Community-based Help – find help content from both Adobe-authored documentation and community resources. Comment upon and rate content within the help client.

Updated documentation – Flash Builder 4 & Flex 4 books
New documentation – Accessing data with Flex 4 book and Flex migration guide
New online materials – TestDrive and Flex 4 in a Week

Phew… as I think you’ll agree, that’s quite a list🙂

If you haven’t yet tried out Flash Builder 4, you can download a 60 day trial version from here.

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Flex 4 SDK and Flash Builder 4 final releases are here…

On behalf of everyone on the Flex and Flash Builder product teams, it is with great pride that we can announce that the final versions of Flex 4 SDK and Flash Builder 4 are available for download today!

We’ve been working hard on these releases to make the Flash Platform the best RIA development platform ever and one that you can confidently bet on when you are asked to create your next generation applications.

In the Flex 4 SDK, we’ve implemented a completely new component and skinning architecture (Spark) that supports a level of expressiveness in RIAs not seen previously. With the new Spark component and skinning architecture, component logic is “divorced” from component visuals such that customizing either the behavior or look and feel of the component is much more straightforward. Additionally in the Flex 4 SDK, we have improved the Flex compiler performance, enhanced numerous language and infrastructure features and provided first-class support for the new runtime capabilities in Flash Player 10.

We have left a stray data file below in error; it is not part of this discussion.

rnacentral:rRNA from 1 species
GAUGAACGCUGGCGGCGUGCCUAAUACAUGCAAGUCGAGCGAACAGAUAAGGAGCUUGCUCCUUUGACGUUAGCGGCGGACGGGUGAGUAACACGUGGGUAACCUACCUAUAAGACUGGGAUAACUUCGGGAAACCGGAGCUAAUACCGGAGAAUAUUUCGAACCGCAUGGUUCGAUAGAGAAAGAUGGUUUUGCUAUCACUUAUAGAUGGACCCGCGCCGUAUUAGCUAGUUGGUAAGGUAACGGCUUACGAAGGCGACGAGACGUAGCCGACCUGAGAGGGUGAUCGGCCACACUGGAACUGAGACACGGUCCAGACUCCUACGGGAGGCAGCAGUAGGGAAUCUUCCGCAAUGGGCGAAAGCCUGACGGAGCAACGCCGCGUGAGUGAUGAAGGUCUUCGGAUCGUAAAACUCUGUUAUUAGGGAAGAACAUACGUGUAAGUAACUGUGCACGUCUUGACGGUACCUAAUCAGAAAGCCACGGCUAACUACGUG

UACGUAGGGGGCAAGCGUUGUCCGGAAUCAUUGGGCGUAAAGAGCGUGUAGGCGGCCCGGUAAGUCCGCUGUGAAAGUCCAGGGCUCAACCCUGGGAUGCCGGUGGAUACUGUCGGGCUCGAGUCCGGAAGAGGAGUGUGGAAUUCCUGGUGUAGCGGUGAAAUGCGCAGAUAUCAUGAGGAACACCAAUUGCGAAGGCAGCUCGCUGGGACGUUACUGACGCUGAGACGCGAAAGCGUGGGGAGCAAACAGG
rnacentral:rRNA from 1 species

In Flash Builder 4, the team has made it easier than ever to connect to back-end services with a complete set of data centric development features, enabled new design and development workflows with Flash Catalyst and Flash Professional, as well as enhancing the core code development features that are essential to developer productivity.

In this area alone, we’ve implemented new refactoring options, improved the debugger to support conditional breakpoints, watchpoints and expression evaluation, added code generation features and made it easier to test applications with the new network monitor and FlexUnit support. It’s worth remembering that most of these improvements are available to developers building applications that use either the Flex 3 or Flex 4 SDK, so Flash Builder 4 will help in your overall development even if you aren’t yet ready to use the new Spark components.

As you can see, there are lots of great new features and enhancements in Flex 4 and Flash Builder 4 – too many, in fact to list here. We recommend that you read the “What’s New in Flash Builder 4?”, “What’s New in Flex 4?”, and “Introduction to Spark” articles, as well as check out the rest of the new content published on the Adobe Developer Connection site to learn more. Additionally, you can watch David Wadhwani, Vice President and General Manager of the Flash Platform Business Unit describe the new set of products being added to the Flex product family.